A California man poses a mystery for the History Detectives with a box of cartoon drawings and cels.
He tells us he bought the box about ten years ago at a salvage yard in Berkeley. Host Tukufu Zuberi doesn’t recognize most of the characters in these drawings, but the condition of the art leads him to believe they’re old.
One cel depicts a woman in a hospital bed, with a “get well” message signed by eleven people.
What role did these drawings play in the history of animation? And who are the people behind the signatures on this “get well” cel?
This investigation takes us through the early years of animation and introduces us to some of the unsung heroes behind the art.
- Related Investigation Siberian Bullet What can this bullet reveal about the hidden agenda of American forces in a fight against Soviet Communism?
- Related Investigation Body In The Basement Are these the remains of an executed prisoner of war from an English Civil War battle?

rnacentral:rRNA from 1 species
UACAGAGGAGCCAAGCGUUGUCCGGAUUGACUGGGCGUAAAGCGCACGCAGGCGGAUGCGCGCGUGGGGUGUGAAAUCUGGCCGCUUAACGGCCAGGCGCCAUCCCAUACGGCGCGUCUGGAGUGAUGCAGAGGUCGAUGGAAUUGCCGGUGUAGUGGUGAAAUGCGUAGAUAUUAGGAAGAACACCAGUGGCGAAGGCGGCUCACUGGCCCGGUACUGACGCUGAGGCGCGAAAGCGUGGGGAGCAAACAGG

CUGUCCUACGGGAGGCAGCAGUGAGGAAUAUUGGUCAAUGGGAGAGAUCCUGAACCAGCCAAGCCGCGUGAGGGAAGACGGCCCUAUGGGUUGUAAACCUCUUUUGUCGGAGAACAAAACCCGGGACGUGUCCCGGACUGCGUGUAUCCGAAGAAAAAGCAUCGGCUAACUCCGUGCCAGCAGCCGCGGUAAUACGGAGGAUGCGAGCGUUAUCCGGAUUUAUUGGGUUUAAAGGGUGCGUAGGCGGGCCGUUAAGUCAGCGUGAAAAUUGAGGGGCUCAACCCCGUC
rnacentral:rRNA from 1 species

- Also in this episode Mussolini's Dagger Did a World War II GI return home with Mussolini's dagger?
- Also in Depression and WWII: 1929-1945 Chinese Poems Who were the authors of the poems describing bitterness and misery on the Angel Island detention center walls?
- Also in Season 9 Ince Ledger What does this accounts ledger for a movie company have to do with the changing world of the Lakota Sioux?
- Also with Tukufu Zuberi Ventriloquist Dummy How did an African-American ventriloquist act become so successful in a time of racial unrest?
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